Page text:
They also targeted school systems, hospitals, insurance companies (Lafayette Life, State Farm and others have large properties in or near Lafayette), then banks (because they offer weekend work) and churches (because they offer weekday work). Once they had a number of anchor customers they began pursuing homeowner associations and upscale housing areas, which Minniear says "are lucrative because they have broader spray areas and require little hand work." Only then did they begin pursuing local industries.
"But the local industries are difficult to break into, partly because they already have relationships established with other contractors," he says. "So it's hard to get in but once we get a $100 or $200 job that gives us a chance for the next job which often is a bigger one. The important thing is to get on their vendor list."
He says that Straight Lines has considered expanding in any of a number of ways but is content with the size and structure and profitability of the business as it stands today.
"This is where we want to keep it," he says. "The middle-sized jobs are where the money is at, and that's our specialty.
Contractors have to realize that big doesn't necessarily mean good. If you have to go back to jobs to fix something that's just going to eat any profit up. So it's quality and not size that determines success."
Diversification for success
Despite the fact that Straight Lines started life as a striping company, it has become a basic pavement maintenance contractor, largely because, Minniear says, customers liked the work they did and wanted them to offer additional services. In 2005 Straight Lines generated 40% of sales from sealcoating, 33% from cracksealing, and 25% from striping. Roughly 30% of their work is subcontracted from paving contractors, another 20% is by referrals, and the rest the company generates itself.
Minniear says striping, the key to the initial success of the company, is still an integral part of its service package and sales.
Despite the fact striping generates a smaller percentage of sales than the other work, Straight Lines is the striper paving contractors, local municipalities, and businesses turn to.
A recent highly successful, yet extremely complicated job the contractor completed was sealcoating, layout, and striping of a Subaru Isuzu auto storage yard parking lot in Lafayette. Not only does the 180-acre lot hold 30,000 vehicles, but the cars are parked in coded parking stalls for inventory purposes and so they can be located quickly for shipping to dealers. So in addition to layout out the parking lot, Straight Lines had to use stencils to number and letter each designated space.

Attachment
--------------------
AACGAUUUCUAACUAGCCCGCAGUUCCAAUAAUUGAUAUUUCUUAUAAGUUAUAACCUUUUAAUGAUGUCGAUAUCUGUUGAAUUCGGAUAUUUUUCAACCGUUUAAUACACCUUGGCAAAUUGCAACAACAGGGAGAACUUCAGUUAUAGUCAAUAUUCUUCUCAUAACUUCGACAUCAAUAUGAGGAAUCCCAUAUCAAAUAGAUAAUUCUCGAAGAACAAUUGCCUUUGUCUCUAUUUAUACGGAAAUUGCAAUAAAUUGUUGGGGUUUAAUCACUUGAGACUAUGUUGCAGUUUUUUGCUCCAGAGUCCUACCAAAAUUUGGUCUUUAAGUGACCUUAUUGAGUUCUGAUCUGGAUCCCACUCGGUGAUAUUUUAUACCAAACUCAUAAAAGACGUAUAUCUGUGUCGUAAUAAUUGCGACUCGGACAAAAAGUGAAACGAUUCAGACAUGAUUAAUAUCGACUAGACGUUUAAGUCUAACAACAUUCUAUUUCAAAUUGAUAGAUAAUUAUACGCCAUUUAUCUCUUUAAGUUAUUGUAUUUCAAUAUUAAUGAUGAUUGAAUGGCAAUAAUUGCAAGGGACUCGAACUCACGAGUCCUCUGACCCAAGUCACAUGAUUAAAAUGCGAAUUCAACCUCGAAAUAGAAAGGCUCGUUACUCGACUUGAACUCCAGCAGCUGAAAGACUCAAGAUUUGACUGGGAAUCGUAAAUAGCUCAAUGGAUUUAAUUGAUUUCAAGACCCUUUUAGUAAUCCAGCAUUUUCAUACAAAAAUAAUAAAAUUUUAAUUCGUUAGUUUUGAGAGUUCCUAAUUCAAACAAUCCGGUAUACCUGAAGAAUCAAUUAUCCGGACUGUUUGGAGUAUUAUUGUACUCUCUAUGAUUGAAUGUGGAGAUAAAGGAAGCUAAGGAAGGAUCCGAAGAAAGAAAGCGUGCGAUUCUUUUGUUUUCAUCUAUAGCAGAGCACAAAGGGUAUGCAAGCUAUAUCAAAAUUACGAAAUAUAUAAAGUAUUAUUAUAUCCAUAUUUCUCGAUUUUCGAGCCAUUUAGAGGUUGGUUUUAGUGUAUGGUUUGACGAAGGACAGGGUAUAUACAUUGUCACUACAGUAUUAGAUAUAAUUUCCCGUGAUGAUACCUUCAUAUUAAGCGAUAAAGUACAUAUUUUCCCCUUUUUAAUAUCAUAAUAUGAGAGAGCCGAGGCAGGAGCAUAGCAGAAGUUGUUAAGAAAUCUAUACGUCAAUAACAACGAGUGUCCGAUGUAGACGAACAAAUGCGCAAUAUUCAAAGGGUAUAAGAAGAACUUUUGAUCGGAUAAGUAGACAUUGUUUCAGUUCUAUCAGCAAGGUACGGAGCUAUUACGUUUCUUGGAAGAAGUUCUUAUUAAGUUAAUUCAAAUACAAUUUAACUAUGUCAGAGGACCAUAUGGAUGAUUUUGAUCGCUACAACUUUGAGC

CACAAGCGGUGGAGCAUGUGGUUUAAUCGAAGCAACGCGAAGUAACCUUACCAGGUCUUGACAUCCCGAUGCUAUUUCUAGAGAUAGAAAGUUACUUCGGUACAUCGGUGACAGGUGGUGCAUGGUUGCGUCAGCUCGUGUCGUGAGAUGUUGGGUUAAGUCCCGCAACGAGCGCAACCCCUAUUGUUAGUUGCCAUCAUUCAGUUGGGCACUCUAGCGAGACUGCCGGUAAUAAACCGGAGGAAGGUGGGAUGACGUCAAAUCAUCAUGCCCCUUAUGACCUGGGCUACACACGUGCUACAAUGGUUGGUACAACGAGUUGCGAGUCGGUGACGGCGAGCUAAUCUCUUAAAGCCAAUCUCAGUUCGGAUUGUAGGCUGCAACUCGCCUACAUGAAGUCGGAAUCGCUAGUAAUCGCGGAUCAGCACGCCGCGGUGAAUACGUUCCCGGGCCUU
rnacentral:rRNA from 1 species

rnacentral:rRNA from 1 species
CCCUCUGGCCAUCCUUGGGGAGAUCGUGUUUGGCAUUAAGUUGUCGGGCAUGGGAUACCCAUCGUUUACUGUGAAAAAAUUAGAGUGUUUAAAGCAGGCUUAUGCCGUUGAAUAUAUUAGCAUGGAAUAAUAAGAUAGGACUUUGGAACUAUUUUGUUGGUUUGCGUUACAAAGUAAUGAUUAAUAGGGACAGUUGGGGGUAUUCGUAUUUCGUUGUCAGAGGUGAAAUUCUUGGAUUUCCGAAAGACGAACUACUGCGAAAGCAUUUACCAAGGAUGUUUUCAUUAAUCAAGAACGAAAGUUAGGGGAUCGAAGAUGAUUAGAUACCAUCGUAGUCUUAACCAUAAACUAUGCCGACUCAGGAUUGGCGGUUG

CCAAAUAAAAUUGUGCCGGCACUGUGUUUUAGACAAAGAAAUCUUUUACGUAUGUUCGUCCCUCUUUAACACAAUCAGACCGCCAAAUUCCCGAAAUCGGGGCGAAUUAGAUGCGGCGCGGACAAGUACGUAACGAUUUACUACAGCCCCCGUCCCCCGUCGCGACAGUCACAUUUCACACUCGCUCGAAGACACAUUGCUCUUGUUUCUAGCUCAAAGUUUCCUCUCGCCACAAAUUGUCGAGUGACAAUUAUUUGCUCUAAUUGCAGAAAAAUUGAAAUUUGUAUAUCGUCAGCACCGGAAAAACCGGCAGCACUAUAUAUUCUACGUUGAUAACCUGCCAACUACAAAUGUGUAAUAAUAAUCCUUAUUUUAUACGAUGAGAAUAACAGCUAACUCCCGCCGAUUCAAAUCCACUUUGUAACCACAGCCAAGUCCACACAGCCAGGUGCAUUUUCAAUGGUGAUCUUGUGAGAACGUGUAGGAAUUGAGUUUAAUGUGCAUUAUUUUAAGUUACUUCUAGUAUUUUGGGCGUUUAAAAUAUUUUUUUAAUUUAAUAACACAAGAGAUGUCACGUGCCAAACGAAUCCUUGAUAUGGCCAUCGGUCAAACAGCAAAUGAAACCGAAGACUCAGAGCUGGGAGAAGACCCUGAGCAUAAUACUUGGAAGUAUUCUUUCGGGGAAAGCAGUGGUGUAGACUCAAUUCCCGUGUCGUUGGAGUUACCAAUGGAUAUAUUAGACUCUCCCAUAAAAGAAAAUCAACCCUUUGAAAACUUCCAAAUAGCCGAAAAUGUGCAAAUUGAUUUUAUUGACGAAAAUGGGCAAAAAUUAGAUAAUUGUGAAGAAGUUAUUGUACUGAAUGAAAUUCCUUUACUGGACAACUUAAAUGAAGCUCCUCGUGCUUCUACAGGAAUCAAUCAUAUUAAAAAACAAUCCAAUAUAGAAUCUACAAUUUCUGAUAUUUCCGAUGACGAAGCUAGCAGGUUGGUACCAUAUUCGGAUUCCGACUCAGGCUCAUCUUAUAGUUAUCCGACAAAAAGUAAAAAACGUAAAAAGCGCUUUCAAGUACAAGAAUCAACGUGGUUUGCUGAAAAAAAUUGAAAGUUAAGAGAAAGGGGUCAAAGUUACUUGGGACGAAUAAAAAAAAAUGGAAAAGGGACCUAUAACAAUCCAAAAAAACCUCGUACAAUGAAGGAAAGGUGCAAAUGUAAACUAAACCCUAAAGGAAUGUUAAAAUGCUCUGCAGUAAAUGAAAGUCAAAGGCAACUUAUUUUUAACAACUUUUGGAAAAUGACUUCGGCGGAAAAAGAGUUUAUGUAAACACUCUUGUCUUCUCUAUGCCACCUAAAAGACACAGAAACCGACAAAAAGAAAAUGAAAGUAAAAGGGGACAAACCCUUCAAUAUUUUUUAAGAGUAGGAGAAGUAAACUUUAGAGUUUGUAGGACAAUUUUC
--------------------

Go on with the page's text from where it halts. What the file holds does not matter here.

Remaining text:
Soon after the striping business was established, Straight Lines added sealcoating, a natural extension. Minniear says they started out offering driveway sealcoating but they no longer pursue that work. "If people call us we'll do it, but we don't pursue driveway sealcoating," he says. The company also does not pursue fast-food restaurants, though as with driveways it will do that work if called upon.
"We'll do it but that work is too competitive and too bottom-line oriented, and that's not the type of business we want to run," he says. Another reason they don't pursue fast food properties is that work often has to be done at night and Straight Line works hard to have hours as close to "normal" business hours as possible.
Minniear says crack repair is an integral part on almost every parking lot sealcoating job they do. But they get more cracksealing work from other contractors too.
"There's only one other crack melter in the whole area," he says. "The concrete contractors have found us too. It's not a market we pursued but word got out about our crack repair operation and now when big jobs come up that the concrete contractors don't want or don't have time for, they call us. Often we do jobs that exceed 50,000 linear feet of joints."
Where work comes from
Minniear says that the company does very little marketing, restricting its marketing efforts almost exclusively to a small ad in the Yellow Pages. He says he and Alan have always networked with area contractors including Milestone, Reith Reilly, American Paving, and Fairfield Construction, and get a large amount of work through them and others.
"We make very few cold calls," Minniear says. "In fact 70% of our business is return business or referrals." And being the low bidder is not a goal or even a concern of the company.
"Three of every four jobs we bid, we get, and we're not necessarily the low bid, though sometimes we are," he says. "It's hard to be low bid all the time because we're competing with people in this market who don't always apply material the way it is specified by the customer. We can't compete with that on a price level. We know our costs and the profit margin required."
"We're in business to make money but making money is a result of the product you use, how you put it on the ground, and how you service your clients," he says. "Quality remains long after price is forgotten."